What is a Pole Shed and How Do I Build One?

By December 13, 2017Uncategorized

Pole barn design differs markedly from normal shed design in that it does not have traditional foundations. Instead it has a very simple and quick method of putting foundations in place.

The area to be covered by the pole barn is measured out and marked out on the ground. Careful measurement is important to ensure that the pole shed is the correct configuration – for a square or rectangular shaped pole barn each corner should line up at 90 degrees to the other two posts it is aligned to.

It is a very good idea to purchase some professional pole barn plans to ensure that you get everything right. Most plans also come with a very details 'how to' guide, which gives you step by step instructions on how to build your barn or shed. Expect to pay under $ 50 for these. Professional plans will also ensure that you are able to calculate accurately exactly how much timber, Post Crete, nails, etc you will need in advance. You can also buy a pole barn kit, but these tend to be expensive and if you have just a modicum of woodworking skill you can definitely make your own and save yourself plenty of money.

Holes are dug deep enough to avoid frost penetration in the winter – this obviously varies in different parts of the world. Once the holes are dug to the correct depth the posts are put in place and supported so as to be perfectly vertical from all angles and this attitude is maintained by means of temporary props attached to the main posts. Normally concrete is poured into the holes to hold the post securely in place and this can hold up the rest of the project as depending on continuing weather conditions the concrete can take up to 24 hours to go off.

However modern technology provides a quick setting solution with products such as Post Crete that is beloved in its powdered form directly into the post holes. Water is added until the Post Crete is completely. A chemical reaction takes place as the water mixes with the Post Crete which means that the mix goes off in just 10 to 20 minutes meaning the build can continue essentially uninterrupted.

The body of the pole shed is now erected around the securely grounded posts. For larger pole sheds posts are added down the four sides of the pole sent to ensure that there is sufficient rigidity and strength in the framework to support the walls and roof.

Pole Shed Floor

Because the pole shed is not build on traditional foundations there is no need to put in a floor and the dirt base can be left with provision for a gravel, wood or tiled floor to be added if desired when funds are available.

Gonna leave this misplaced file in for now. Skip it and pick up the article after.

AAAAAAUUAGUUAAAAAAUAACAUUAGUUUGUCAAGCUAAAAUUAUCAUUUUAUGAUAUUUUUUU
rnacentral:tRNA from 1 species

Pole Shed Roof

Any type of roof can be used for a pole shed. The quickest and cheapest option is to use is the pent roof design. This is a single slope roof which normally slopes from front to back. If you construct this type of roof ensure that you leave a decent overhang at the lower end (back) of the roof so that rain water does not run down the inside of pole shed.

A gable roof can also be used on a pole shed. A gamble roof is the traditional house roof sloping down two sides from the apex which runs down the center of the structure.

Other roof types used on pole sheds are hip roof, gambrel roof and salt box roof.

A huge benefit of constructing a pole shed is that areas inside can be left completely open whilst other areas can be fully enclosed. This allows the owner to have different projects working in different areas of the pole shed, with one area secured to enable tools and equipment to be securely stored.

Another great advantage of building a pole shed is the great saving in the cost of building. Rough cut timber can be used for the poles and roof assembly. Further savings can be achieved by building the pole shed yourself. This is easily within the grasp of the averagely skilled do-it-yourself enthusiast because of the simple design of the pole shed.

You do not need to limit yourself to purely wood or tin clad pole sheds either. How about visiting you local conservatory dealer to see if he has any old carcasses from conservatories that they have replaced with new structures. One can very easily fashion a pole shed 'greenhouse' from one of these redundant structures. Do not forget to negotiate for the parts you need – in fact depending upon where you live in the world you may well get them free of charge as the conservatory company will have to pay the local authority to dispose of them.

Source by Tony Ward

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